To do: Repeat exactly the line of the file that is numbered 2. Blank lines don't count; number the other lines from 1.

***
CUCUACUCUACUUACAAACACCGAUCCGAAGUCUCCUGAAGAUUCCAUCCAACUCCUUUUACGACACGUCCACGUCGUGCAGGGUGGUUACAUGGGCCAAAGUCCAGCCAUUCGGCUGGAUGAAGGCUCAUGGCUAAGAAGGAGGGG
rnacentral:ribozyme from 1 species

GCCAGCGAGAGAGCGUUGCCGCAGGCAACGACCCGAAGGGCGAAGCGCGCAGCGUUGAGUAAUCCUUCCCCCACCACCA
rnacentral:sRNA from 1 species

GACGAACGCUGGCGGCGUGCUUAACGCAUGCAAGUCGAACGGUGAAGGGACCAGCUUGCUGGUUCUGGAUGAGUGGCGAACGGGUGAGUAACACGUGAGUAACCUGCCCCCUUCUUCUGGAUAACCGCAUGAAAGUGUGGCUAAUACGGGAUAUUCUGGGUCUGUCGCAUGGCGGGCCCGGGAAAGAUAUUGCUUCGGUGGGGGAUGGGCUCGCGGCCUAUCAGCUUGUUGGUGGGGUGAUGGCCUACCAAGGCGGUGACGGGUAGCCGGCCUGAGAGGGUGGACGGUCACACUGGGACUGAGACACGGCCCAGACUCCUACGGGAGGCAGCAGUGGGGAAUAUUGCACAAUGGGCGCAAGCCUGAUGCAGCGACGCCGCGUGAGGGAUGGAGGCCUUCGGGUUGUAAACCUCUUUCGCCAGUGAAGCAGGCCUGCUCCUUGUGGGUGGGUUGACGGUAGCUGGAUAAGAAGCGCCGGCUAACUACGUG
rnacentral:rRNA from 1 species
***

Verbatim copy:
rnacentral:ribozyme from 1 species